12:00

Transformative solutions in two Caribbean Insular Territories Under Climate Change Pressure : How can we reach Resilience targets ? Climate Governance in two non-independent Caribbean Insular Territories: two different paths?

J. Priam (Servicios Cientificos y Tecnicos, San Juan, Puerto Rico)

Abstract details
Transformative solutions in two Caribbean Insular Territories Under Climate Change Pressure : How can we reach Resilience targets ? Climate Governance in two non-independent Caribbean Insular Territories: two different paths?

J. Priam (1)
(1) Centro de Investigacion, Caribbean islands, Puerto Rico

Abstract content

This contribution shows how two non-independent islands of the Caribbean reflect the dynamics of the Metropolis and so Climate Governance. For Puerto-Rico, the adopted solutions must be understood through USA relation and for Guadeloupe, through Europe and France.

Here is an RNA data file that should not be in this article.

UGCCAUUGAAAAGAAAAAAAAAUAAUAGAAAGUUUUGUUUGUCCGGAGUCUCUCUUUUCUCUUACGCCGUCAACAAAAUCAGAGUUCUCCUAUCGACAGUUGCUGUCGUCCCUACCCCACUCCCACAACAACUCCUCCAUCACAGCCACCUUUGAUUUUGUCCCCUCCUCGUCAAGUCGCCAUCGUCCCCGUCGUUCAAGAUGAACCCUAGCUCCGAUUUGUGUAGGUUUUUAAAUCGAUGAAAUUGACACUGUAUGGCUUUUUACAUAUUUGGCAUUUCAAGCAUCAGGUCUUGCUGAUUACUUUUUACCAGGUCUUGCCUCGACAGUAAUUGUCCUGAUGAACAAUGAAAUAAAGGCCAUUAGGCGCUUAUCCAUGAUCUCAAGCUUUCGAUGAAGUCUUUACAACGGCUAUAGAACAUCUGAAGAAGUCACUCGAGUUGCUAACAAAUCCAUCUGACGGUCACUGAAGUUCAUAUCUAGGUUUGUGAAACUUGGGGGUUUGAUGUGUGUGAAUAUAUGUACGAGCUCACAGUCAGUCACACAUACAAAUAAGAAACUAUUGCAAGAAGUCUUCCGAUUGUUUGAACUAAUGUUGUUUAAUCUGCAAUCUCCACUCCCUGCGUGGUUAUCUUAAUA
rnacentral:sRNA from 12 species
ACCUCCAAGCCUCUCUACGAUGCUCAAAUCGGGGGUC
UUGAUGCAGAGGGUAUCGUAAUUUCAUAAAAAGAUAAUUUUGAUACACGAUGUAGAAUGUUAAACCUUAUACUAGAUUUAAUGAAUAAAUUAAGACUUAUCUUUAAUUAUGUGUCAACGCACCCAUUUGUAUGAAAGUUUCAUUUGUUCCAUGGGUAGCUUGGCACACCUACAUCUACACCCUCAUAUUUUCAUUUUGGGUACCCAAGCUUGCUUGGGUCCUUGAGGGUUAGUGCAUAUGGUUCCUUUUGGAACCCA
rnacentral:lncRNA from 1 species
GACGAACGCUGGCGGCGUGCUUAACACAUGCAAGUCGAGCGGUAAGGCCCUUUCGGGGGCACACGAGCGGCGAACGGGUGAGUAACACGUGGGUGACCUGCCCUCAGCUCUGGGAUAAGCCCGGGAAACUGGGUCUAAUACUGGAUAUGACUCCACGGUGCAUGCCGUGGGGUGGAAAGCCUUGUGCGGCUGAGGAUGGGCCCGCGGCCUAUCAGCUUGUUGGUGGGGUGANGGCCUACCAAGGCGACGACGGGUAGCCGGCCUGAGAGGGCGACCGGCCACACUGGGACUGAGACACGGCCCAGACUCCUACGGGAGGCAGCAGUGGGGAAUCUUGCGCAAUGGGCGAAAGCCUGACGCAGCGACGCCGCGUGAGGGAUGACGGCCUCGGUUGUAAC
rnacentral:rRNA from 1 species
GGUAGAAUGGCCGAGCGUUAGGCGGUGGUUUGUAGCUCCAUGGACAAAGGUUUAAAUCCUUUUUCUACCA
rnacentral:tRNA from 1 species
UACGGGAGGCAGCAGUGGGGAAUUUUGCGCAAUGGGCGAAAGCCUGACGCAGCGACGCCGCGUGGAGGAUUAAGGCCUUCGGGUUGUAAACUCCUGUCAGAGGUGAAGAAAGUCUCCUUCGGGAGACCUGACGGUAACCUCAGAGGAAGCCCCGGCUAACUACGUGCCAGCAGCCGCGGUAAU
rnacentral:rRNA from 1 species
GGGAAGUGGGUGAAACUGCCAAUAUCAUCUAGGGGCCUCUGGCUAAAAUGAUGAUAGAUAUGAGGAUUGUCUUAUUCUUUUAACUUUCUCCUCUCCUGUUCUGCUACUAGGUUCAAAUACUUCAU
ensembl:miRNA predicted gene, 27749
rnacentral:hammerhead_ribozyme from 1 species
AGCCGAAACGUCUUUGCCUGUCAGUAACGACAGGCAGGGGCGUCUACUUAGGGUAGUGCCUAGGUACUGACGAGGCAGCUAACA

Both territories traduce the integration of the international level conceptualization as they become “laboratories for experimentation” to demonstrate successful transformative solutions to transfer to other insular territories or even to their metropolis.

We present here the renewable energy situation and some key documents in Puerto-Rico and Guadeloupe that demonstrate ways of action. As both territories are islands regarding a Mainland that enacts ways of action, we discuss the resilience regarding that context.

 

12:15

Innovative climate financing in Small Islands Developing States (SIDS)

V. Fayolle (Acclimatise, Oxfordshire, United Kingdom)

Abstract details
Innovative climate financing in Small Islands Developing States (SIDS)

V. Fayolle (1)
(1) Acclimatise, Oxfordshire, United Kingdom

Abstract content